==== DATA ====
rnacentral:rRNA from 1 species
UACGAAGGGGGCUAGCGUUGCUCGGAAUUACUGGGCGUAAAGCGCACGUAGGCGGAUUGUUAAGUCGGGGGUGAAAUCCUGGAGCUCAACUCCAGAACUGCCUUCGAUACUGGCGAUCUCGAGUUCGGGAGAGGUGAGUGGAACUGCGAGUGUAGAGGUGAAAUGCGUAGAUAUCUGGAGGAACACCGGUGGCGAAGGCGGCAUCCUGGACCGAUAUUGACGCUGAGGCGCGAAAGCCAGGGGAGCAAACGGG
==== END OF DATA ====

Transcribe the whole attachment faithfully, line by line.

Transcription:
rnacentral:rRNA from 1 species
UACGAAGGGGGCUAGCGUUGCUCGGAAUUACUGGGCGUAAAGCGCACGUAGGCGGAUUGUUAAGUCGGGGGUGAAAUCCUGGAGCUCAACUCCAGAACUGCCUUCGAUACUGGCGAUCUCGAGUUCGGGAGAGGUGAGUGGAACUGCGAGUGUAGAGGUGAAAUGCGUAGAUAUCUGGAGGAACACCGGUGGCGAAGGCGGCAUCCUGGACCGAUAUUGACGCUGAGGCGCGAAAGCCAGGGGAGCAAACGGG